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09.05.2013 Editorial

Let's Have Regional Solar Plants

By Ghanaian Chronicle
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Credible media reports have it that the Volta River Authority (VRA) is about to inaugurate its first solar PV electricity generating plant in the country.

Based at Navrongo, in the Upper East Region, the solar power plant is a 2 megawatts (mw) facility, said to be the largest PV grid in West Africa, and one whose capacity can be increased to 2.5mw.

Built at a cost of US$8,082,025 million, the Navrongo solar power plant is part of the VRA's long term strategic policy to diversify into renewable power generation in an efficient, cost effective and sustainable manner.

The reports quote a top VRA official as saying that a mix of renewable energy portfolio - wind, mini-hydro and solar - put together since 2010, was expected to produce a total of 160mw of electricity by 2015, comprising 150mw from wind, and 14mw from solar.

And according to the VRA Chief Executive Officer, Kwaku Awortwi, apart from the Navrongo plant, three other sites have been identified and acquired in the Upper West Region for the construction of the next phase of 12mw PV plants to complement power generation, with funding already secured.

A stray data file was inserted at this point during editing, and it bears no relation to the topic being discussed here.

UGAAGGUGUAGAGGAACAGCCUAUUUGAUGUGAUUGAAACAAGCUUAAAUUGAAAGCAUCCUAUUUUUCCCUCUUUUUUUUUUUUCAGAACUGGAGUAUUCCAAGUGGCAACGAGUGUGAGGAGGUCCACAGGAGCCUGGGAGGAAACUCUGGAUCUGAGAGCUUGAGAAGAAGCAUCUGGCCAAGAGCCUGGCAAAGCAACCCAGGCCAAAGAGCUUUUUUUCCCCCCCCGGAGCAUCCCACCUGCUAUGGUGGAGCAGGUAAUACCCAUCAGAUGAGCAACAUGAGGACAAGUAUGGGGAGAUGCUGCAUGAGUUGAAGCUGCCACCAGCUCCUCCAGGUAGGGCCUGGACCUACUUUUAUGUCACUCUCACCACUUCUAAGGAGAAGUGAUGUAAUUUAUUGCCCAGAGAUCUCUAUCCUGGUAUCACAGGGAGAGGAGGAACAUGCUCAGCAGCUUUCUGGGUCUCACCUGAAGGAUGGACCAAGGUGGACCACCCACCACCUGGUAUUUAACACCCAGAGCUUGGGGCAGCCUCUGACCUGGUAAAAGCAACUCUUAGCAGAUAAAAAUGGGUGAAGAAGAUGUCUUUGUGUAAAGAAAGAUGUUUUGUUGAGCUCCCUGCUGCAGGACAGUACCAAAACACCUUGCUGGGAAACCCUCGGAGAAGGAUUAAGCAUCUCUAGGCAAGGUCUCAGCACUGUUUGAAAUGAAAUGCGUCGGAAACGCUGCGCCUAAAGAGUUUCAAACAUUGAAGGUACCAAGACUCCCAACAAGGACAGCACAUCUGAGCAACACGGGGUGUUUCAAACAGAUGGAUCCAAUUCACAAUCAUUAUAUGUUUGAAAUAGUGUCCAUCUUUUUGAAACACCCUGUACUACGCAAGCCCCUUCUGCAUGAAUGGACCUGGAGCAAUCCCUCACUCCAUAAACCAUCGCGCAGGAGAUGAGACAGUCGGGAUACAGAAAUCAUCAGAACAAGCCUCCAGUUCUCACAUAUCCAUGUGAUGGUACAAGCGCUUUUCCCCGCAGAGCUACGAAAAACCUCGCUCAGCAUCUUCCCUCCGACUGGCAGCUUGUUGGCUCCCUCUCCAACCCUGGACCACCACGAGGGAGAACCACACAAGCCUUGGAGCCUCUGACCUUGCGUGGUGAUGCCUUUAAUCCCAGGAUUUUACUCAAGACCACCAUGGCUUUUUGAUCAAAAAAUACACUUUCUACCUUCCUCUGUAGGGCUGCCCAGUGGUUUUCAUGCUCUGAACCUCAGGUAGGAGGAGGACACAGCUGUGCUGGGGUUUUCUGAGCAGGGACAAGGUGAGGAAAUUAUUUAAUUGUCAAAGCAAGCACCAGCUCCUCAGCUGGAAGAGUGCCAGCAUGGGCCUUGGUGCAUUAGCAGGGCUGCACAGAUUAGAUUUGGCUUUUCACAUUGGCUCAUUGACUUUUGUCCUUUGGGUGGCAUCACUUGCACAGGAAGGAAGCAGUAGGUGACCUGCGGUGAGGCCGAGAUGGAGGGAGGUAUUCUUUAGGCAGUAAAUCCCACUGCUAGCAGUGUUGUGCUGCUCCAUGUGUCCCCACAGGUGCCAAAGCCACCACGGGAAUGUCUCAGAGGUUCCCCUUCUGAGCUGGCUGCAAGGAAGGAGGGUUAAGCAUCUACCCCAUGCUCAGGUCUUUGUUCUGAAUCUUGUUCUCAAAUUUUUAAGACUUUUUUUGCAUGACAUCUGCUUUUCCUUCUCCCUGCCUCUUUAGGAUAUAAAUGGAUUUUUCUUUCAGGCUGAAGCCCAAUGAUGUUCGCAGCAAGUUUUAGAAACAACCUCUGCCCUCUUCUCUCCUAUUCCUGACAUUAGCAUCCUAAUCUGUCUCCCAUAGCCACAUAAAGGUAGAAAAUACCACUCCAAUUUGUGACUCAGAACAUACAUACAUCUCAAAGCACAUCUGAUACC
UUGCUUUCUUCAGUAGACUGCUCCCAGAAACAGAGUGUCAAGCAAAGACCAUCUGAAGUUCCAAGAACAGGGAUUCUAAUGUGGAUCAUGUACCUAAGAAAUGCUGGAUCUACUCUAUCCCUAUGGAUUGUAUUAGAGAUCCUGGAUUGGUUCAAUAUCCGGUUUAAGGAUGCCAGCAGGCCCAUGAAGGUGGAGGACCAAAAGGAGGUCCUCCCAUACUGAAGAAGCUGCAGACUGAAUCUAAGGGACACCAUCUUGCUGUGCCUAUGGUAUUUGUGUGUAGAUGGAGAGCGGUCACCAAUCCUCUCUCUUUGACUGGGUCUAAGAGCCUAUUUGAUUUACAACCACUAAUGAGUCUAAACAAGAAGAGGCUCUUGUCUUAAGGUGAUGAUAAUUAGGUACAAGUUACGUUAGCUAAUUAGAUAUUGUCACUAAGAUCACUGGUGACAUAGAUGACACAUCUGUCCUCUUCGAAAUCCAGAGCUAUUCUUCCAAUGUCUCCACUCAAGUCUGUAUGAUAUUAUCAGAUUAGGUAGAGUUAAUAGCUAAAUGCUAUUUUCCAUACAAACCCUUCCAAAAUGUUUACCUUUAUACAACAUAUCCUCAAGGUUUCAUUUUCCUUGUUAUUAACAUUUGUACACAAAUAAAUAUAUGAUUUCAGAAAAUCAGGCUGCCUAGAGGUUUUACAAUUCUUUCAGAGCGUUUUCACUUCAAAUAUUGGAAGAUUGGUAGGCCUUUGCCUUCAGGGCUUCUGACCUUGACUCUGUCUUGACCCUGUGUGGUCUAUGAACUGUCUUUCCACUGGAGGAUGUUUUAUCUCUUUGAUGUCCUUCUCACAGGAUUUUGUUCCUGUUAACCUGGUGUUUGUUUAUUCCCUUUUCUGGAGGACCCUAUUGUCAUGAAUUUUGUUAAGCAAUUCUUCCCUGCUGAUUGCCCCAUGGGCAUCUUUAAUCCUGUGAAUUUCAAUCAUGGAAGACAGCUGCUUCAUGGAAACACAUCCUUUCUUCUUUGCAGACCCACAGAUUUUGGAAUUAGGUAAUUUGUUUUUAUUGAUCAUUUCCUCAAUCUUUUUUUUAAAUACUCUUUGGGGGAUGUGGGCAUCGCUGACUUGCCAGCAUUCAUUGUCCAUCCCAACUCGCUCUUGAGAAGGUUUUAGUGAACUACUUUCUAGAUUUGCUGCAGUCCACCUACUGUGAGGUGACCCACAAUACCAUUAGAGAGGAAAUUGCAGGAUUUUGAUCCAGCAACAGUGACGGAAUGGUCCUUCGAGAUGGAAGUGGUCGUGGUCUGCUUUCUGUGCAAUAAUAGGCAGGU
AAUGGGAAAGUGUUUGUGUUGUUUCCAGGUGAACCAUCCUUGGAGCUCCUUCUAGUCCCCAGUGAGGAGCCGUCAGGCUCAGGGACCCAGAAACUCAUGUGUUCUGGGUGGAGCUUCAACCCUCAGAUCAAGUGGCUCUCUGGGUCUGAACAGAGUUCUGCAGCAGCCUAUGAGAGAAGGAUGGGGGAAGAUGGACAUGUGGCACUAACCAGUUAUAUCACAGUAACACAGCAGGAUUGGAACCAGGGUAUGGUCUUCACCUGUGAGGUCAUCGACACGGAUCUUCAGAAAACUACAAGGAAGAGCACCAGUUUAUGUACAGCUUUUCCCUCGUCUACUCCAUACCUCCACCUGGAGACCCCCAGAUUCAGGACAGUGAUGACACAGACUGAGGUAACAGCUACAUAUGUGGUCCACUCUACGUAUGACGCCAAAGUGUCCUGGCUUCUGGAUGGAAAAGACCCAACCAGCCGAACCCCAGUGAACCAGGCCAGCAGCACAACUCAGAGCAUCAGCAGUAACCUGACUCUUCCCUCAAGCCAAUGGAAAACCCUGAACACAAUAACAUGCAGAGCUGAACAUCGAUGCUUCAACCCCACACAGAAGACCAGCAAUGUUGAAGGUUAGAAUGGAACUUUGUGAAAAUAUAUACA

The Chronicle finds laudable this first public indication of our public servants waking up to the reality to harness the comparative advantage of our immediate environment, with savings to the national purse.

The first solar energy generating plant, coming a good 56 years after independence, is totally belated. Have we just realised that we can generate power from the sun which wastes away daily?

First, President Kwame Nkrumah may be forgiven for concentrating on hydro power in the late 50s and early 60s. Solar technology was probably in its rudimentary stages, but, not so our rulers since the 80s, if not earlier.

But, better late than never. That is why The Chronicle would call on the VRA to drink deep or touch not.

Having woken up to its potential, we should embrace solar energy with both hands and feet.

To begin with, we should have at least one solar power plant in each region, and gradually expand into the districts.

All that one needs to get started is the initial capital to acquire the photovoltaic cells, unlike say a regular petrol thermal plant, where one needs to regularly find money to buy diesel or gas to power it.

This amounts to zero running cost. Solar PV plants, unlike solar thermal plants, which need transfer fluid and water to generate steam to drive a turbine, convert sunrays directly into electricity.

That is the way forward. Let us embrace it fully!

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